New version of Flame virus uncovered

2012-10-15 21:21
Kaspersky Lab does analysis of malware threats at its offices in Moscow. (Duncan Alfreds, News24)

Kaspersky Lab does analysis of malware threats at its offices in Moscow. (Duncan Alfreds, News24)

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Washington - A new cyber-espionage tool linked to the Flame virus has been infecting computers in Lebanon, Iran and elsewhere, security researchers said on Monday.

Kaspersky Lab, which was credited with revealing the Flame virus earlier this year, dubbed the new malware "miniFlame", and said it was "a small and highly flexible malicious program designed to steal data and control infected systems during targeted cyber espionage operations".

Russian-based Kaspersky said miniFlame "is based on the same architectural platform as Flame", widely reported to be part of a US-Israeli effort to slow Iran's suspected nuclear weapons drive.

The smaller version "can function as its own independent cyber espionage program or as a component" inside Flame and related malware.

Surgical attack

Unlike Flame, which is designed for "massive spy operations", miniFlame is "a high precision, surgical attack tool", according to Alexander Gostev at Kaspersky Lab.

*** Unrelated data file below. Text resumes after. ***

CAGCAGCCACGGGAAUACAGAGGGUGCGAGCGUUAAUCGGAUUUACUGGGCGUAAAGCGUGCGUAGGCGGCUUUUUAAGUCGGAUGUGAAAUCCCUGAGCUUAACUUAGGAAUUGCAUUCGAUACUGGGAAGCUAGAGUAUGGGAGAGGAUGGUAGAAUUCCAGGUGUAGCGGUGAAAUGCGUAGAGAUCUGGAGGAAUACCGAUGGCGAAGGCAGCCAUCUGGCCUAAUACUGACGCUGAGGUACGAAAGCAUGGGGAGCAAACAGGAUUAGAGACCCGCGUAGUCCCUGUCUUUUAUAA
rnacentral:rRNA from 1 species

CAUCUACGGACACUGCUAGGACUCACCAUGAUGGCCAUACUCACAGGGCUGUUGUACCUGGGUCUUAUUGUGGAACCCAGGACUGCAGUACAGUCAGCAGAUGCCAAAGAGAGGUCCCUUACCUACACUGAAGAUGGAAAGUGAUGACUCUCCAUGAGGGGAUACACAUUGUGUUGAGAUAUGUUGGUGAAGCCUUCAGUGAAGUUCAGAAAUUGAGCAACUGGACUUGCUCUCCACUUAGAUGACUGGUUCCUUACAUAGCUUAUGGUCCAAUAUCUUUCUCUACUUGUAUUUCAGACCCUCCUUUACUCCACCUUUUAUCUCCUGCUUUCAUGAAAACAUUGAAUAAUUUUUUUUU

"Most likely it is a targeted cyber-weapon used in what can be defined as the second wave of a cyberattack."

Kaspersky Lab data indicates the total number of infections worldwide is just 50 to 60, including computers in Lebanon, France, the United States, Iran and Lithuania.

MiniFlame operates "as a backdoor designed for data theft and direct access to infected systems", according to Kaspersky, which said development of the malware might have started as early as 2007 and continued until the end of 2011, with several variations.

Dozens of modifications

"We believe that the developers of miniFlame created dozens of different modifications of the program," Kaspersky said. "At this time, we have only found six of these, dated 2010-2011."

Flame previously has been linked to Stuxnet, which attacked computer control systems made by German industrial giant Siemens used to manage water supplies, oil rigs, power plants and other critical infrastructure.

Most Stuxnet infections have been discovered in Iran, giving rise to speculation it was intended to sabotage nuclear facilities there. The worm was crafted to recognise the system it was to attack.

Some reports say US and Israeli intelligence services collaborated to develop the computer worm to sabotage Iran's efforts to make a nuclear bomb.

Read more on:    kaspersky lab  |  lebanon  |  iran  |  cybercrime
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